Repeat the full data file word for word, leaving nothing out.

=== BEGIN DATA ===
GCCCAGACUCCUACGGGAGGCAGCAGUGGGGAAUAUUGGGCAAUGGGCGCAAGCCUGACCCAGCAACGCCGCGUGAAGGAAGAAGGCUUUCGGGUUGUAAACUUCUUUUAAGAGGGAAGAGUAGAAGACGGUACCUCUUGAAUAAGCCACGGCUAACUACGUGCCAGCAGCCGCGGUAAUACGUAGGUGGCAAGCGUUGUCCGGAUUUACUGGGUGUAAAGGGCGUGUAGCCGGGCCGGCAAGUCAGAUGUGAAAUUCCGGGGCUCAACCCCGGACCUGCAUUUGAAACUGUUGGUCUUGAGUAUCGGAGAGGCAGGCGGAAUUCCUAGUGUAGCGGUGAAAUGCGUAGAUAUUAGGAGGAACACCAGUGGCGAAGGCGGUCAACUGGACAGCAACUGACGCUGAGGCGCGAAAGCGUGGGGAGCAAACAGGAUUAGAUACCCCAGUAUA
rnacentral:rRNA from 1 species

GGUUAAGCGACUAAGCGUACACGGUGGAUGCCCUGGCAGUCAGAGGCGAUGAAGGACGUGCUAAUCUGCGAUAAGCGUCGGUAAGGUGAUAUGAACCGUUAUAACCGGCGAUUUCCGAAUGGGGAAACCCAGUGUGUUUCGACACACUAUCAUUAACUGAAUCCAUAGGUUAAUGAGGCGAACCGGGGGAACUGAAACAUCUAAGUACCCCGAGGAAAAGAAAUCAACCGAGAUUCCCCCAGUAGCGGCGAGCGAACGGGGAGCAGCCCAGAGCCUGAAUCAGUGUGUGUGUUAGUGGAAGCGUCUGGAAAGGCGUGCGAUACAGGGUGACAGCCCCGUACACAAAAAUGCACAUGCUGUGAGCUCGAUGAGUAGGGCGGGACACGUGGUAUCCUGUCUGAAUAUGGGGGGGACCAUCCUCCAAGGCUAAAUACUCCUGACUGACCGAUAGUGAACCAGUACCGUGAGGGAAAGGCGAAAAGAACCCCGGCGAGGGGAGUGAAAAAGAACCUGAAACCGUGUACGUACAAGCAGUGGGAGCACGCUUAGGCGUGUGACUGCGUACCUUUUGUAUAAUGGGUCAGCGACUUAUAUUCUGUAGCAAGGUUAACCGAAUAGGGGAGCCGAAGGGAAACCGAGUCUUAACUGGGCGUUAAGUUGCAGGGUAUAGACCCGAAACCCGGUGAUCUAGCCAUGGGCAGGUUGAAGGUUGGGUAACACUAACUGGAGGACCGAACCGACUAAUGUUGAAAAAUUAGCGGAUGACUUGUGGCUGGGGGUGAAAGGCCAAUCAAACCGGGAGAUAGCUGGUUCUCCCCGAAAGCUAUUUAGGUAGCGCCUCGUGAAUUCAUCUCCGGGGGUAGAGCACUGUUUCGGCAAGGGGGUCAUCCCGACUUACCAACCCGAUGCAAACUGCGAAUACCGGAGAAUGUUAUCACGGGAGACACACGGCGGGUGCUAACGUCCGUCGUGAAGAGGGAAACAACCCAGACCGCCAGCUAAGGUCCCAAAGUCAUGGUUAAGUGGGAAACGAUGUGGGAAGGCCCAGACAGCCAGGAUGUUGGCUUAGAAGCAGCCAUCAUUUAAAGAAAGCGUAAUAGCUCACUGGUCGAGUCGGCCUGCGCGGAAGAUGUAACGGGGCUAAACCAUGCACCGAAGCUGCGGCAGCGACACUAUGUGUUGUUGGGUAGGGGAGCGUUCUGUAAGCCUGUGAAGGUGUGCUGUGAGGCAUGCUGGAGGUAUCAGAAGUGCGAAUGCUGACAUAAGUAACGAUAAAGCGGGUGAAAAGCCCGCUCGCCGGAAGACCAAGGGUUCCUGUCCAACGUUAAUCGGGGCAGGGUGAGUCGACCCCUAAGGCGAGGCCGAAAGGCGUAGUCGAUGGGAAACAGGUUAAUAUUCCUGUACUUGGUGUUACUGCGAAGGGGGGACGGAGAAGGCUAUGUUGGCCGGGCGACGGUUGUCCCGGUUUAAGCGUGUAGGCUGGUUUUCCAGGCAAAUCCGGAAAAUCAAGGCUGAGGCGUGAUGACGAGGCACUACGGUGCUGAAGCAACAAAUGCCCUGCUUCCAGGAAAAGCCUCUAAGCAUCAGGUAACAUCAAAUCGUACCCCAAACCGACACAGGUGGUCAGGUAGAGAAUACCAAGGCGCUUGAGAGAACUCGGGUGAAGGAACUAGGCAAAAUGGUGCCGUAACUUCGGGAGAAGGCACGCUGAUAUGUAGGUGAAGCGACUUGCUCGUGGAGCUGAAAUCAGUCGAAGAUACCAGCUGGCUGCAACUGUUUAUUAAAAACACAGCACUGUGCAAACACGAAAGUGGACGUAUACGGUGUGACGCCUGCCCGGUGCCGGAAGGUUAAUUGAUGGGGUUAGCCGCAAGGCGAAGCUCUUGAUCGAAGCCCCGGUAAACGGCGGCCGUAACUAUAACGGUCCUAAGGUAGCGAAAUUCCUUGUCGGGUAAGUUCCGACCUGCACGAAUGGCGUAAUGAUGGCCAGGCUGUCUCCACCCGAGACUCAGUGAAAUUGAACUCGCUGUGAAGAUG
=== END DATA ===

GCCCAGACUCCUACGGGAGGCAGCAGUGGGGAAUAUUGGGCAAUGGGCGCAAGCCUGACCCAGCAACGCCGCGUGAAGGAAGAAGGCUUUCGGGUUGUAAACUUCUUUUAAGAGGGAAGAGUAGAAGACGGUACCUCUUGAAUAAGCCACGGCUAACUACGUGCCAGCAGCCGCGGUAAUACGUAGGUGGCAAGCGUUGUCCGGAUUUACUGGGUGUAAAGGGCGUGUAGCCGGGCCGGCAAGUCAGAUGUGAAAUUCCGGGGCUCAACCCCGGACCUGCAUUUGAAACUGUUGGUCUUGAGUAUCGGAGAGGCAGGCGGAAUUCCUAGUGUAGCGGUGAAAUGCGUAGAUAUUAGGAGGAACACCAGUGGCGAAGGCGGUCAACUGGACAGCAACUGACGCUGAGGCGCGAAAGCGUGGGGAGCAAACAGGAUUAGAUACCCCAGUAUA
rnacentral:rRNA from 1 species

GGUUAAGCGACUAAGCGUACACGGUGGAUGCCCUGGCAGUCAGAGGCGAUGAAGGACGUGCUAAUCUGCGAUAAGCGUCGGUAAGGUGAUAUGAACCGUUAUAACCGGCGAUUUCCGAAUGGGGAAACCCAGUGUGUUUCGACACACUAUCAUUAACUGAAUCCAUAGGUUAAUGAGGCGAACCGGGGGAACUGAAACAUCUAAGUACCCCGAGGAAAAGAAAUCAACCGAGAUUCCCCCAGUAGCGGCGAGCGAACGGGGAGCAGCCCAGAGCCUGAAUCAGUGUGUGUGUUAGUGGAAGCGUCUGGAAAGGCGUGCGAUACAGGGUGACAGCCCCGUACACAAAAAUGCACAUGCUGUGAGCUCGAUGAGUAGGGCGGGACACGUGGUAUCCUGUCUGAAUAUGGGGGGGACCAUCCUCCAAGGCUAAAUACUCCUGACUGACCGAUAGUGAACCAGUACCGUGAGGGAAAGGCGAAAAGAACCCCGGCGAGGGGAGUGAAAAAGAACCUGAAACCGUGUACGUACAAGCAGUGGGAGCACGCUUAGGCGUGUGACUGCGUACCUUUUGUAUAAUGGGUCAGCGACUUAUAUUCUGUAGCAAGGUUAACCGAAUAGGGGAGCCGAAGGGAAACCGAGUCUUAACUGGGCGUUAAGUUGCAGGGUAUAGACCCGAAACCCGGUGAUCUAGCCAUGGGCAGGUUGAAGGUUGGGUAACACUAACUGGAGGACCGAACCGACUAAUGUUGAAAAAUUAGCGGAUGACUUGUGGCUGGGGGUGAAAGGCCAAUCAAACCGGGAGAUAGCUGGUUCUCCCCGAAAGCUAUUUAGGUAGCGCCUCGUGAAUUCAUCUCCGGGGGUAGAGCACUGUUUCGGCAAGGGGGUCAUCCCGACUUACCAACCCGAUGCAAACUGCGAAUACCGGAGAAUGUUAUCACGGGAGACACACGGCGGGUGCUAACGUCCGUCGUGAAGAGGGAAACAACCCAGACCGCCAGCUAAGGUCCCAAAGUCAUGGUUAAGUGGGAAACGAUGUGGGAAGGCCCAGACAGCCAGGAUGUUGGCUUAGAAGCAGCCAUCAUUUAAAGAAAGCGUAAUAGCUCACUGGUCGAGUCGGCCUGCGCGGAAGAUGUAACGGGGCUAAACCAUGCACCGAAGCUGCGGCAGCGACACUAUGUGUUGUUGGGUAGGGGAGCGUUCUGUAAGCCUGUGAAGGUGUGCUGUGAGGCAUGCUGGAGGUAUCAGAAGUGCGAAUGCUGACAUAAGUAACGAUAAAGCGGGUGAAAAGCCCGCUCGCCGGAAGACCAAGGGUUCCUGUCCAACGUUAAUCGGGGCAGGGUGAGUCGACCCCUAAGGCGAGGCCGAAAGGCGUAGUCGAUGGGAAACAGGUUAAUAUUCCUGUACUUGGUGUUACUGCGAAGGGGGGACGGAGAAGGCUAUGUUGGCCGGGCGACGGUUGUCCCGGUUUAAGCGUGUAGGCUGGUUUUCCAGGCAAAUCCGGAAAAUCAAGGCUGAGGCGUGAUGACGAGGCACUACGGUGCUGAAGCAACAAAUGCCCUGCUUCCAGGAAAAGCCUCUAAGCAUCAGGUAACAUCAAAUCGUACCCCAAACCGACACAGGUGGUCAGGUAGAGAAUACCAAGGCGCUUGAGAGAACUCGGGUGAAGGAACUAGGCAAAAUGGUGCCGUAACUUCGGGAGAAGGCACGCUGAUAUGUAGGUGAAGCGACUUGCUCGUGGAGCUGAAAUCAGUCGAAGAUACCAGCUGGCUGCAACUGUUUAUUAAAAACACAGCACUGUGCAAACACGAAAGUGGACGUAUACGGUGUGACGCCUGCCCGGUGCCGGAAGGUUAAUUGAUGGGGUUAGCCGCAAGGCGAAGCUCUUGAUCGAAGCCCCGGUAAACGGCGGCCGUAACUAUAACGGUCCUAAGGUAGCGAAAUUCCUUGUCGGGUAAGUUCCGACCUGCACGAAUGGCGUAAUGAUGGCCAGGCUGUCUCCACCCGAGACUCAGUGAAAUUGAACUCGCUGUGAAGAUG